Bruce Prichard Admits Which WWE WrestleMania Storyline Was 'Downright Wrong'

The WrestleMania VII angle between Hulk Hogan and Sgt. Slaughter remains one of the more [...]

The WrestleMania VII angle between Hulk Hogan and Sgt. Slaughter remains one of the more controversial storylines WrestleMania history. The year was 1991, and Slaughter had been turned into a heel while stating he was an Iraqi sympathizer during the Gulf War. He eventually dropped the WWF Championship to Hogan at Mania and quickly turned back into a babyface. To this day, many fans still see tying a wrestler's persona into an actual, ongoing war as tasteless.

On a new episode of Something to Wrestling, Bruce Prichard (who was with WWE in '91 and is now the executive director of both Monday Night Raw and Friday Night SmackDown) openly admitted he wouldn't do the angle now with the benefit of hindsight.

"First of all, having to do it all over again in hindsight being 20/20, we wouldn't have done it and it was timely and it was, you know, in many ways formulaic in how we had presented storylines before," Prichard said [h/t Fightful] "[Displaying] what was going on in the world and in being able to take conflict in the world and bring the conflict into the ring in a storyline that hopefully will make sense and this was probably just a little too soon, a little too close to home, and I don't think that anyone ever really thought that until this weekend that we were actually going to have a full conflict and go to war. It was you out there and everybody was watching what's going on in Iraq but you think that — you hear the s— all the time, but there's no big, major war and then this one turned into that major war that people haven't been apart of in many many years and I think that it just affected the psyche of the country.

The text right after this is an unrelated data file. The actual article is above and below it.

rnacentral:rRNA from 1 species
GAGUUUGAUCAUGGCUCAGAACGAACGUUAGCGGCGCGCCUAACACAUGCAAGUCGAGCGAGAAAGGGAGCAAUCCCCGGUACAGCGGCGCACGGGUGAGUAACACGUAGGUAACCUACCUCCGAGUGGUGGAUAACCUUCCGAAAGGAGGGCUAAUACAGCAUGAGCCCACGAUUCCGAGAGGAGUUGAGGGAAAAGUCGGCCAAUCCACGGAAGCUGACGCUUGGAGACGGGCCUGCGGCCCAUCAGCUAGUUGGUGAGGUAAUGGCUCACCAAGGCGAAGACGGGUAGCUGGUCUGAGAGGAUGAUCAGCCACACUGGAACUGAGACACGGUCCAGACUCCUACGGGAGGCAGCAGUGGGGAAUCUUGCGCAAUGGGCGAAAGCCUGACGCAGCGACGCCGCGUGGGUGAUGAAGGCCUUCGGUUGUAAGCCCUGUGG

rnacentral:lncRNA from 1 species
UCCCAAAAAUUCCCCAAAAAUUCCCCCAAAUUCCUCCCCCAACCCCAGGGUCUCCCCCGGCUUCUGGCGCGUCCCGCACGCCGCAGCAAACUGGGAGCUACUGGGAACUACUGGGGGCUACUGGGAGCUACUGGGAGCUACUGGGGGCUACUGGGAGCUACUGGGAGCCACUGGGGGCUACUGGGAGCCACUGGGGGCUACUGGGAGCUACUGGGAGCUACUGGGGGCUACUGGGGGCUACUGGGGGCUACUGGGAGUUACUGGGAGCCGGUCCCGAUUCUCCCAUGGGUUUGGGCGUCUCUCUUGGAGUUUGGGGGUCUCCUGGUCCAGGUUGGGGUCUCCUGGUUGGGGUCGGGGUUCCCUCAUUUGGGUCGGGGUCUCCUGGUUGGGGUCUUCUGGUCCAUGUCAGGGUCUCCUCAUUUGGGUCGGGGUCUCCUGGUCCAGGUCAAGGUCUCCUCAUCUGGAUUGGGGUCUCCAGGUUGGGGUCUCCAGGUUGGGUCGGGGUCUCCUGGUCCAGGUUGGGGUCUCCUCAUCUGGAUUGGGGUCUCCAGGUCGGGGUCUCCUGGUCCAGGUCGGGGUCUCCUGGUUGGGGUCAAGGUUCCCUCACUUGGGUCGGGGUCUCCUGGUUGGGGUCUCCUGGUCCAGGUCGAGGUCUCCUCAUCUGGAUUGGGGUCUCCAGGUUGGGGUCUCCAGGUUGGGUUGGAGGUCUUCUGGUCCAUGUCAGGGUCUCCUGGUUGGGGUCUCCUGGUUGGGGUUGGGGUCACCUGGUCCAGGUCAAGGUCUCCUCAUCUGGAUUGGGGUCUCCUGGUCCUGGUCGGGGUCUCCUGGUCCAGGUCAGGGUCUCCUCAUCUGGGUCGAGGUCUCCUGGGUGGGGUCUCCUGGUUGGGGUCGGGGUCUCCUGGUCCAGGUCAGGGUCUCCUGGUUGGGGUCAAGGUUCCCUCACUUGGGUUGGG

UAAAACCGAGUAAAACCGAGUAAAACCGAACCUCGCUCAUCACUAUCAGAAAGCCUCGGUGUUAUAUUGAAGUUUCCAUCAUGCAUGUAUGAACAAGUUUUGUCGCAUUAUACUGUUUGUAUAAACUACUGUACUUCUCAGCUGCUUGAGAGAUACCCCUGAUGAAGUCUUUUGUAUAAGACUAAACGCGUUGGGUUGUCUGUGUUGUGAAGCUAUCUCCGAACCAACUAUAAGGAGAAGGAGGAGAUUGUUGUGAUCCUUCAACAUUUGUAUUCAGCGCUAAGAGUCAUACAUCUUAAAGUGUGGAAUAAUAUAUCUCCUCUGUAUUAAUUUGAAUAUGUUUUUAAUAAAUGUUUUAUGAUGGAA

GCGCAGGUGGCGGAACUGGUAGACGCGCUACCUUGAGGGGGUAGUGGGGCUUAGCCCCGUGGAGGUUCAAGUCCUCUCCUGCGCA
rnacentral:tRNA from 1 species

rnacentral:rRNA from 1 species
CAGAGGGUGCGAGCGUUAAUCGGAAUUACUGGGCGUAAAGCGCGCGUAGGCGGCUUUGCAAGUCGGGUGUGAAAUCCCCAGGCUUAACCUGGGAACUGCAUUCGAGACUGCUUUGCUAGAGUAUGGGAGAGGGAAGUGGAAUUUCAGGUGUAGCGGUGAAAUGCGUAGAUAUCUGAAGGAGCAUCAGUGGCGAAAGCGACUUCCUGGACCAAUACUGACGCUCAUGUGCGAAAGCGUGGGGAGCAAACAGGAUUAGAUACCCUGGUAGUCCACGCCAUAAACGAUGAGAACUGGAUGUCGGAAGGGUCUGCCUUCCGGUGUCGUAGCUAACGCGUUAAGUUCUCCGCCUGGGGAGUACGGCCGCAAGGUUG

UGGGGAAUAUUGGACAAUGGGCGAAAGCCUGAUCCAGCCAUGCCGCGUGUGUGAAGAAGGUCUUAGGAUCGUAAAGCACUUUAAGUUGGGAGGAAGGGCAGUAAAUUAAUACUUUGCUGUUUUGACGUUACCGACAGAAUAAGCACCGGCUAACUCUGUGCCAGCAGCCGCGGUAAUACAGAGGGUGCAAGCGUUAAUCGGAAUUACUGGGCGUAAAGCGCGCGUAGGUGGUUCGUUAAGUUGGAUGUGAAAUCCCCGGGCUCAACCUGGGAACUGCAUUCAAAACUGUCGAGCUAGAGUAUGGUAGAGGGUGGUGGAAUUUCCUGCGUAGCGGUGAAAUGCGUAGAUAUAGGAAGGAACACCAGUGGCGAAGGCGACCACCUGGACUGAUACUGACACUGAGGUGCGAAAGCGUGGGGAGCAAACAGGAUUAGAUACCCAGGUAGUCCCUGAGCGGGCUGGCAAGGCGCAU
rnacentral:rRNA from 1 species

"You look at Japanese wrestling and where Japanese wrestling really took off is when they started bringing Americans in to be the villains, to be the heels. 'Here are these bad guys that came over after Pearl Harbor and leveled cities,' so let's bring them in and portray them as nasty people, forgetting that they bombed Pearl Harbor first. So, it was both sides. Both sides absolutely sensationalized it and that was part of entertainment and when talent would go to go to Germany and work in Germany, that's how a lot of guys got heat. I'm not saying it was right and in hindsight, it was just downright wrong but it was a completely different time."